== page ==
“Pelican crossings. These are signal-controlled crossings operated by pedestrians. Push the control button to activate the traffic signals. When the red figure shows, do not cross. When a steady green figure shows, check the traffic has stopped then cross with care. When the green figure begins to flash you should not start to cross. If you have already started you should have time to finish crossing safely.
Then there’s Puffin crossings which differ from pelican crossings as the red and green figures are above the control box on your side of the road and there is no flashing green figure phase. Press the button and wait for the green figure to show.”
There you have it. Stolen from the Highway Code. There’s a Kindle version you know!
All in all, the day was excellent, catching up with folk, having a blether, breathing a sigh of relief that I didn’t have to do slo-mo on Ruby there wouldn’t be a strip of road wide enough! EDAM, FVGAM and Gill did a great job pulling it all together & I hope there’s another next year.
A chilled evening in the flat. Sunday afternoon I head off on Ruby down to Croft (again) this time with a heap of Scottish members for a fun filled day of learning, with ace Mentors on a fun track. Can’t wait.
I met up with Richard and John at Dreghorn, topped Ruby with fuel and had a short trip down to the Flat Cat Gallery Coffee Shop in Lauder. It’s lovely there. Eating great cake and being surrounded by interesting art work. John introduced me to it on our last trip. It’s lovely. Well worth the stop. After a wee bite to eat, we mounted our Ducatis and headed off. A wee sup of fuel in Jedburgh to see us all the way to Darlington. My, what a wee thirsty tank Ruby has.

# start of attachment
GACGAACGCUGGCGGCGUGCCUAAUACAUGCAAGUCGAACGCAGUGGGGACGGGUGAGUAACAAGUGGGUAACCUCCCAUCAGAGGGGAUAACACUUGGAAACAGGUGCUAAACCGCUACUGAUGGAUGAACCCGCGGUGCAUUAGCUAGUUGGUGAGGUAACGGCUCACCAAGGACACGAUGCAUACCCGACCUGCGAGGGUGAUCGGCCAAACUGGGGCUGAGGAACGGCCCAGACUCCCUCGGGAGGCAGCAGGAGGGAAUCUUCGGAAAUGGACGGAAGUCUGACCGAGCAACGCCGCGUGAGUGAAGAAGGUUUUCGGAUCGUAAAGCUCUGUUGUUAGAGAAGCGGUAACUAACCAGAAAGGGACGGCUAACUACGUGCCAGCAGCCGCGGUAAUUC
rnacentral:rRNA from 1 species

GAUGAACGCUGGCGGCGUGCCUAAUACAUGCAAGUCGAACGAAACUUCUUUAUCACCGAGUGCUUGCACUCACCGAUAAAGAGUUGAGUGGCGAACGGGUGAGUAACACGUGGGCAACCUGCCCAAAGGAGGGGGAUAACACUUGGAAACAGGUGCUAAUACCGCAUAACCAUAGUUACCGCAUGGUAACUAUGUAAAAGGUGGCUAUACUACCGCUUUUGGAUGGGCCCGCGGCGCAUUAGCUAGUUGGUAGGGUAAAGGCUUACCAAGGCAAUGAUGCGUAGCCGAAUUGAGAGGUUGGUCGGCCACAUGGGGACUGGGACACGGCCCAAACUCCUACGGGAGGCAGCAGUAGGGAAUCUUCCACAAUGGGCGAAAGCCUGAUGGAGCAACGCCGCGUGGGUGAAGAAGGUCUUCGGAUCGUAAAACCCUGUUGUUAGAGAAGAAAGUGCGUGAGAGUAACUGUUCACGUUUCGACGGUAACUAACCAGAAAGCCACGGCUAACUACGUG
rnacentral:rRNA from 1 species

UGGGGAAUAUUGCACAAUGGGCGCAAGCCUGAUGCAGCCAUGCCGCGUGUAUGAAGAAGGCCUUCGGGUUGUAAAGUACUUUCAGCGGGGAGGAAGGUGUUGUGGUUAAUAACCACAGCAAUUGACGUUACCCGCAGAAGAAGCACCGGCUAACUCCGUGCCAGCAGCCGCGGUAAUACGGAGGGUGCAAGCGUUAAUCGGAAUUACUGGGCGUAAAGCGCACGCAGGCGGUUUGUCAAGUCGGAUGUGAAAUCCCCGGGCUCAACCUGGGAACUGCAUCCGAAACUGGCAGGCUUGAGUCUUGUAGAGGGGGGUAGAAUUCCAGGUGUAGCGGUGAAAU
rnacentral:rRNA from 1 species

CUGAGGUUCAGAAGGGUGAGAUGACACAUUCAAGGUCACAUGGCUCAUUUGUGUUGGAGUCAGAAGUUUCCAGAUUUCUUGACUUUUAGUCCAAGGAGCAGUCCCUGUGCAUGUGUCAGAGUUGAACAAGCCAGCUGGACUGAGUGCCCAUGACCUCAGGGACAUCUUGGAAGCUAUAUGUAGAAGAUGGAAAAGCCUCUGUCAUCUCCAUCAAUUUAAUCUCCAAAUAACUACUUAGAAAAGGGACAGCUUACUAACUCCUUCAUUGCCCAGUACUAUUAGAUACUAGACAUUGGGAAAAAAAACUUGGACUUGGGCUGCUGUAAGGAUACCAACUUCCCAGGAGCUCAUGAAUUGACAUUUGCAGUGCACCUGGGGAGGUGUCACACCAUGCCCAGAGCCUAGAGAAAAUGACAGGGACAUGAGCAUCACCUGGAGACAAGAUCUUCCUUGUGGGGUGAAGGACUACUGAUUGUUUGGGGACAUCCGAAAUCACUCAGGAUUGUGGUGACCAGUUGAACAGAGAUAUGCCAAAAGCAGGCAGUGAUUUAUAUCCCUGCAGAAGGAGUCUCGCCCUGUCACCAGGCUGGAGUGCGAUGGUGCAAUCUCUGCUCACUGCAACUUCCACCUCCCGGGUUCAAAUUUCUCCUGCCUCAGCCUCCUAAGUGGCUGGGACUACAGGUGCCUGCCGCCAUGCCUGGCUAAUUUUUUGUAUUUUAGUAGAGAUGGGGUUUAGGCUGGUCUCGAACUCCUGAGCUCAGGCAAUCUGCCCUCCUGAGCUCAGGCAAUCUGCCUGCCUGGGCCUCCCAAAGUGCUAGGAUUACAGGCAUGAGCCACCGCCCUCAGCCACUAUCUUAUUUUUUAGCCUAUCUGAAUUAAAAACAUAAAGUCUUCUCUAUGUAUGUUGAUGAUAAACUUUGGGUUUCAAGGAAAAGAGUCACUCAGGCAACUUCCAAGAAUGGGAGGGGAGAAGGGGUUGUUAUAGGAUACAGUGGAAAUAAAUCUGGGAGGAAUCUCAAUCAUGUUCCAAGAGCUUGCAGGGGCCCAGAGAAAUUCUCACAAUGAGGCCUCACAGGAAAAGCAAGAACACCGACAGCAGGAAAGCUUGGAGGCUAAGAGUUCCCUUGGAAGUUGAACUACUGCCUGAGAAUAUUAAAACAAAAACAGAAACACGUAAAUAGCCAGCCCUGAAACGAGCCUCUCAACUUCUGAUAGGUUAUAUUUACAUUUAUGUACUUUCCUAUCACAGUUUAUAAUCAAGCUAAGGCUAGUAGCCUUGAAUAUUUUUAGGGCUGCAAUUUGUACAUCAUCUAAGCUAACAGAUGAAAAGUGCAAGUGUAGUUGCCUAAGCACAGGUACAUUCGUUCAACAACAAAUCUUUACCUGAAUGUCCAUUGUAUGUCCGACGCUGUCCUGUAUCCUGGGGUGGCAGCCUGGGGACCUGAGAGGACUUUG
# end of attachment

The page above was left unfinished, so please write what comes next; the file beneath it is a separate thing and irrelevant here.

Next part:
It was a good run. John led the way, Richard tail-end-charlie. There weren’t too many nutters on the road only one Skoda that pulled in front of us just before Keilder Forest. Idiot. Just north of Darlington, we went our separate ways, Richard to a friends house and John and I heading to our hotel. It was good. Richard gave me some honest feedback, along the lines of, “You have 145bhp on Ruby….. ” That’ll be the overtakes that I decided not to take!
A lovely dinner with the group from Scotland; the hotel did a great job finding us a room where we could all eat together. It was Gavin’s birthday, so Angela had organised a cake and balloons.